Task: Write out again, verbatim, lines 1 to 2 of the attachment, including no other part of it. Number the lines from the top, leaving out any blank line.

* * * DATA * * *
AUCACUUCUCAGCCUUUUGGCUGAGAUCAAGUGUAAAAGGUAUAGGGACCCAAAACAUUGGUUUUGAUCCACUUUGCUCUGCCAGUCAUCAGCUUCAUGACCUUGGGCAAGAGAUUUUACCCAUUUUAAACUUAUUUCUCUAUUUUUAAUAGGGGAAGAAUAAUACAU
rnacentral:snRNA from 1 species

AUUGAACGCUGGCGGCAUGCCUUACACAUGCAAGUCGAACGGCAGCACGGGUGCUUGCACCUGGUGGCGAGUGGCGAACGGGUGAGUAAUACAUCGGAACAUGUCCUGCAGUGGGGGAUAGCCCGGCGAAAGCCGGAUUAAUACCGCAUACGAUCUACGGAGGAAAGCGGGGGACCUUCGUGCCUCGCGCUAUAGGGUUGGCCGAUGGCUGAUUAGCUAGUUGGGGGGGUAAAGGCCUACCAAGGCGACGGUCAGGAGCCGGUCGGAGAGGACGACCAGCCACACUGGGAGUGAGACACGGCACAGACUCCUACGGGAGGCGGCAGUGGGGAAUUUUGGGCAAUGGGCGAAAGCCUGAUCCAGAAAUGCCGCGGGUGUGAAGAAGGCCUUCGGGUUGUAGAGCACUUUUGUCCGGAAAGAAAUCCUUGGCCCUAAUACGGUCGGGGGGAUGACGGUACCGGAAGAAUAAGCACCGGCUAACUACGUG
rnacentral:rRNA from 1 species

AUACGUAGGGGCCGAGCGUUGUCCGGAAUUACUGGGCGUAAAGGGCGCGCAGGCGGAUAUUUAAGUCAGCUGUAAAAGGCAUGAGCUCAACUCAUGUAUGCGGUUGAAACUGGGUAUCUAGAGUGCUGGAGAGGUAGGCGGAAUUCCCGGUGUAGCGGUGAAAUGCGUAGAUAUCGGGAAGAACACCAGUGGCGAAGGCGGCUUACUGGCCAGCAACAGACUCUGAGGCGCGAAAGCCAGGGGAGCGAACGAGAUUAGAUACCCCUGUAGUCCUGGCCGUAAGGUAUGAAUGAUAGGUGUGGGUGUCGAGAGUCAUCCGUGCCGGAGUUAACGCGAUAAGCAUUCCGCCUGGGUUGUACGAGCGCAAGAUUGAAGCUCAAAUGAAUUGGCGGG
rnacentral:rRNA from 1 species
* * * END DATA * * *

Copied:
AUCACUUCUCAGCCUUUUGGCUGAGAUCAAGUGUAAAAGGUAUAGGGACCCAAAACAUUGGUUUUGAUCCACUUUGCUCUGCCAGUCAUCAGCUUCAUGACCUUGGGCAAGAGAUUUUACCCAUUUUAAACUUAUUUCUCUAUUUUUAAUAGGGGAAGAAUAAUACAU
rnacentral:snRNA from 1 species